*This review will be spoiler-free.*
One of the biggest complaints I heard about the original Fantastic Beasts movie was that it was so far removed from the original series, it didn’t feel like a Harry Potter story. To me, it still had a good plot and great characters and is worth rewatching, but I sympathize with that complaint.
Fantastic Beasts: The Crimes of Grindelwald gives us much more of the original canon in subtle and overt ways, but still does a fine job of keeping the narrative separate from Harry’s era at Hogwarts so that it can stand on its own legs and tell a fresh story without the weight of massive book scrutiny.
Eddie Redmayne is back as the peculiar Newt Scamander, who another character aptly describes as a man who doesn’t care for power or prestige but for what is right. Scamander may not ever rise to the level of characters like Hagrid and McGonagall in my mind but he is a welcome addition to the Harry Potter universe.
They chose Newt’s book to be the title of these films and while the films themselves are not truly about the beasts that he loves so much, they do play a significant role in plot development. And Newt unleashes a new, wondrous, Jim Henson-esque creature that steals some scenes.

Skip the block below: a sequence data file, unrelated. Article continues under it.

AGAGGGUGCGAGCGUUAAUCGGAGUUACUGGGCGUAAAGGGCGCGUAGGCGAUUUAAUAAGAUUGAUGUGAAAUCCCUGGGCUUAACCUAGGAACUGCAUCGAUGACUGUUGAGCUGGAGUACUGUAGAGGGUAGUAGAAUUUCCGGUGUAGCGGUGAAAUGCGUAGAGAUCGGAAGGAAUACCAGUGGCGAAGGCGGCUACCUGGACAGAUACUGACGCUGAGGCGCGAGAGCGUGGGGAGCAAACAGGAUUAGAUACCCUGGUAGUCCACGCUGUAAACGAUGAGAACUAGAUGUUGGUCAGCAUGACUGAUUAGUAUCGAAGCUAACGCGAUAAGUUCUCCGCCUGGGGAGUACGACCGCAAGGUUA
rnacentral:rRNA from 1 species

Johnny Depp is surprisingly quite modest in his titular, antagonist role. For a man who has made a living off of being magnificently weird as unique characters, he doesn’t try to do too much here. I suppose the backstory from the original series, the characters “look” and the script are enough and he doesn’t have to be outrageous to bring Grindelwald to life. If anything, I thought he was too subdued.
Jude Law is as brilliant as you would expect and Dan Fogler reprising his role as Jacob is even funnier and more sympathetic than the first go round. The rest of the cast is a mixture of decent to bland.
There are twists galore in this movie but I must see the rest of the series before I can judge them.
On that note, without revealing anything, I will conclude by saying the ending will have people talking until the third part is released. And my only comment in this review is to say that it is imperative to me that they do not make the same mistakes that were made with The Cursed Child. As mentioned, a significant part of what makes these movies work so far to me is that they are separated from the seven-book/eight movie story enough that they can let these movies breathe without fear of them clashing with the original. They may be nearing dangerous waters.
The Harry Potter brand is clearly at a crossroads. The crucial plot decisions of these next three movies will swing the post-book series material either into the “It was nearly all terrible” or “Fantastic Beasts was fantastic and we barely remember The Cursed Child.” I’m eager to see the result.
Three stars out of five.
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